3. News in brief: Stories on the economy from around the world
People in the UK are facing their biggest drop in spending power for 70 years, says the government’s independent forecaster, the Office for Budget Responsibility (OBR). It comes after the government announced a new budget and said the country would avoid a recession this year. But the UK faces low growth and high debt, and the OBR says Brexit has hit business investment.
The European Central Bank has raised interest rates by 50 basis points, sticking with its fight against inflation and facing down calls by some investors to hold back on policy tightening until turmoil in the banking sector eases. Its deposit rate is now 3%, which is its highest level since late 2008.
Top Japanese companies agreed to their largest pay increases in a quarter of a century at annual labour talks this week, heeding Prime Minister Fumio Kishida’s call for higher wages to offset rising living costs. The decision may have a huge influence on kick-starting consumer demand and how soon the Bank of Japan ends its ultra-low interest rates.
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The US Consumer Price Index rose by 6% in the year to February – its smallest annual increase since September 2021 and the eighth consecutive month that the annual rate has declined. But price increases remain high, and economists are divided over whether the data will push the Federal Reserve to hike interest rates next week.
Argentina’s annual inflation rate exceeded 100% in February, marking the first time it has hit triple figures since a period of hyperinflation in 1991. Inflation hit 102.5% last month, with consumers seeing price changes on an almost weekly basis.
Turkey’s budget deficit widened to TRY170.56 billion ($9 billion) in February, as the government implemented measures to minimize the economic impact of last month’s earthquake. Economists say government spending on rebuilding and aid efforts could lift the deficit-to-GDP ratio above 5% this year, against a government target of 3.5% set in September.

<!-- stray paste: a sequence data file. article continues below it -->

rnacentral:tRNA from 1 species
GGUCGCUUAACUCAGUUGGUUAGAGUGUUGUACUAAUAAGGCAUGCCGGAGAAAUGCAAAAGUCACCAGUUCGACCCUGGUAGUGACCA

EU finance ministers have agreed on broad principles for reform of Europe’s fiscal rules to better accommodate investment and give more flexibility to cut debt for high-debt countries. The rules are facing challenges because public debt has risen due to government support during the pandemic and cost-of-living crisis. Efforts to stop climate change also require huge public investment.
Lebanon’s commercial banks resumed an open-ended strike on 14 March. The action follows legal changes that allow borrowers to repay foreign currency loans at old official exchange rates – a move triggered by a 98% drop in the value of the Lebanese pound. The banks say this has drained their foreign currency reserves and that they do not have enough liquidity to pay back depositors.
4. More on finance and the economy on Agenda
The explosion in talk of a banking crisis this week has also led to an explosion in the use of financial jargon. World Economic Forum Digital Editor Spencer Feingold explains five key financial terms.
Central banks may be rethinking their interest rate plans because of high numbers for core inflation – a measure that strips out volatile items such as food and energy to give a clearer sense of price behaviour across the economy.
Most economists think we will see a global recession this year. However, a “rolling recession” could soften the blow or even head off a full recession altogether. But what is a rolling recession?